Environmental flow methodologies to protect fisheries resources in human-modified large lowland rivers
Article first published online: 28 MAY 2008
Copyright © 2008 John Wiley & Sons, Ltd.
River Research and Applications
Special Issue: Riverine Hydroecology: Advances in Research and Applications. Selected Papers from the Tenth International Symposium on Regulated Streams, Stirling, August 2006
Volume 24, Issue 5, pages 519–527, June 2008
How to Cite
Huckstorf, V., Lewin, W.-C. and Wolter, C. (2008), Environmental flow methodologies to protect fisheries resources in human-modified large lowland rivers. River Res. Applic., 24: 519–527. doi: 10.1002/rra.1131
- Issue published online: 28 MAY 2008
- Article first published online: 28 MAY 2008
- Manuscript Accepted: FEB 2008
- Manuscript Revised: AUG 2007
- Manuscript Received: AUG 2006
- environmental flow;
- lowland rivers;
- river fisheries;
- instream flow methodologies
The flow regimes of temperate large lowland rivers are manipulated to provide various services for society. Most water policy decisions are based on economic considerations, with little or no consideration toward fish conservation and fisheries. The prerequisite for a stronger implementation of these interests in water policy decisions is the development of appropriate tools for assessing the adequate flow needed to protect fish diversity and fisheries resources.
From the 1970s onwards, environmental flow methodologies (EFMs) have been developed primarily to protect endangered fish species and to maintain fisheries resources in human-modified rivers. Until now, their application had mainly been restricted to small upland rivers and headwater streams. Here, we investigate the applicability of commonly used EFMs for predicting and quantifying the consequences of flow manipulation on fish and fisheries of regulated large lowland rivers.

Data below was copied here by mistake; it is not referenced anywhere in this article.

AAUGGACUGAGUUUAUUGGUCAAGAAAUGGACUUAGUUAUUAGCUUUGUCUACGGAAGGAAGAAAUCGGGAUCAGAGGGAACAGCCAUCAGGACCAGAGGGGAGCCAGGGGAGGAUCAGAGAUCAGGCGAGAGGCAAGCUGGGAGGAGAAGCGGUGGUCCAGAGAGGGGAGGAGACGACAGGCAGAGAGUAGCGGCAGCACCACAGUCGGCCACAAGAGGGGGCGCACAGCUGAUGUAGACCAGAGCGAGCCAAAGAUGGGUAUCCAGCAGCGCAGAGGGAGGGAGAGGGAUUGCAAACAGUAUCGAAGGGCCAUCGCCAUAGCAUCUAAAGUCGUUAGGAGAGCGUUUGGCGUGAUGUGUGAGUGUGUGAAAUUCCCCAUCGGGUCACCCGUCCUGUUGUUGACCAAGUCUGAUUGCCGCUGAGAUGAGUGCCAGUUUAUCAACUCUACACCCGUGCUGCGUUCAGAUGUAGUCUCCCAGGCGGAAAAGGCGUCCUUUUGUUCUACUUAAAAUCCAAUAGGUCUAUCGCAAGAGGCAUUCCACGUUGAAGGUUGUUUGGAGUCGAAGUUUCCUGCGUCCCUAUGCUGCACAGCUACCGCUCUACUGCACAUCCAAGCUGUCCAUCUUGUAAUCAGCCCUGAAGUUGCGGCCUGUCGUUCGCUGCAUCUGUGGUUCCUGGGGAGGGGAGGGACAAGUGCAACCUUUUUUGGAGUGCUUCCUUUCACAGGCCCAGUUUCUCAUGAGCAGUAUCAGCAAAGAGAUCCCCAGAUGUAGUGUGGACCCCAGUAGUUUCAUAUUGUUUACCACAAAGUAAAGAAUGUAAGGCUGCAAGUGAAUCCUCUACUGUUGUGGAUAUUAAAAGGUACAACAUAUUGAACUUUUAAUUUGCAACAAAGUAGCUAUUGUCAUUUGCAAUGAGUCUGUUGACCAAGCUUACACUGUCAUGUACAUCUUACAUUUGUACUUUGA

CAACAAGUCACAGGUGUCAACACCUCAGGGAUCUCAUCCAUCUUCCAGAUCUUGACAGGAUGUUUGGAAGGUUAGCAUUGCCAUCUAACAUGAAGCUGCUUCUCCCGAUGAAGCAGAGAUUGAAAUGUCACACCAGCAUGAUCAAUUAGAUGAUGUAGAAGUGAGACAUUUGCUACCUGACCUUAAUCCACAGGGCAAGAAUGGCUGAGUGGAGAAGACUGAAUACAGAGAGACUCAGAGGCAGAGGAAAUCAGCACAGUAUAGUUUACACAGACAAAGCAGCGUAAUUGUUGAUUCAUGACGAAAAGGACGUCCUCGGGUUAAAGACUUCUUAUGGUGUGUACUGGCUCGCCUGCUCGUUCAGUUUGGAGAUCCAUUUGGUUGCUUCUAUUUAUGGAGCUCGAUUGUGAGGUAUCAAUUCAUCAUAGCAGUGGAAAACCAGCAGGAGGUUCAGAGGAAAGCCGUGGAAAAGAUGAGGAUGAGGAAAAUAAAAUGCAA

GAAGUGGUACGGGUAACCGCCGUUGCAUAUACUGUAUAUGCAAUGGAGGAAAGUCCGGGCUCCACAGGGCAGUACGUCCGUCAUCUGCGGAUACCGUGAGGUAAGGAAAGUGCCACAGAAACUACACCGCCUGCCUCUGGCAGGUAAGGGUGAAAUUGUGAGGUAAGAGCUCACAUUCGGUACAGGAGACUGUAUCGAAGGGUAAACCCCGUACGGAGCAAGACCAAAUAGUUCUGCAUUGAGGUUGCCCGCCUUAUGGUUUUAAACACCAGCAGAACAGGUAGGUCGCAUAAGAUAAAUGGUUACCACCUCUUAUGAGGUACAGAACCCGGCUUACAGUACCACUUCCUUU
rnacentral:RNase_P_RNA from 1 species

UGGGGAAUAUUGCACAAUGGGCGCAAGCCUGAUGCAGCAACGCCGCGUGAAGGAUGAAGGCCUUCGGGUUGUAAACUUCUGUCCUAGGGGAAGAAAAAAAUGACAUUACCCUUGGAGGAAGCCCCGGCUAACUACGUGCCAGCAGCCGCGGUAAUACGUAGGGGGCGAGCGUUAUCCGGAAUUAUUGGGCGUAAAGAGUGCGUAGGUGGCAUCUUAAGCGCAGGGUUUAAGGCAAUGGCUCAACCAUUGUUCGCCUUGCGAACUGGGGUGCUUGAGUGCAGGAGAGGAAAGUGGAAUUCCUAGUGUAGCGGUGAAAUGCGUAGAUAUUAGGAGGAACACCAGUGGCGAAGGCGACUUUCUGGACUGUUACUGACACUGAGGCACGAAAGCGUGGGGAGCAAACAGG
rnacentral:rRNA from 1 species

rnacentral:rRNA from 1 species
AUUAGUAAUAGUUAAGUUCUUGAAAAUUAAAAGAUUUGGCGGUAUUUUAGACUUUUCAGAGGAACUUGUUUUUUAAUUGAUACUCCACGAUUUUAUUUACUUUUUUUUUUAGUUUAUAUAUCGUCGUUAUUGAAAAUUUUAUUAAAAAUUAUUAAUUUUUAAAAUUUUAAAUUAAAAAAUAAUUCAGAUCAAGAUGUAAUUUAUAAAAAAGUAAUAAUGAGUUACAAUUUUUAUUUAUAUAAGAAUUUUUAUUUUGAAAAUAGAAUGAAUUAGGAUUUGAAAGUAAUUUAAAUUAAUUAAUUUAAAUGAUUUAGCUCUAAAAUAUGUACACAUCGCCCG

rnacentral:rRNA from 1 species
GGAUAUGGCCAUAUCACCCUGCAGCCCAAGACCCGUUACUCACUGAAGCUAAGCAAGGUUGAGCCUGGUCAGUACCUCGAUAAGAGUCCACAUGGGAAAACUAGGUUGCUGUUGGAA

Among the range of environmental flow methods currently available, habitat simulation methods are promising tools to assess adequate flow and to quantify the consequences of flow manipulation on the temporal and spatial availability of littoral habitats important for fish. However, habitat simulation methods may be effective only with those fish species whose recruitment is influenced by the availability of those habitats. To increase prediction accuracy, habitat simulation methods have to be linked to population dynamic models. More research is needed to improve understanding of the mechanisms controlling the dynamics of populations and assemblages in regulated large lowland rivers. Copyright © 2008 John Wiley & Sons, Ltd.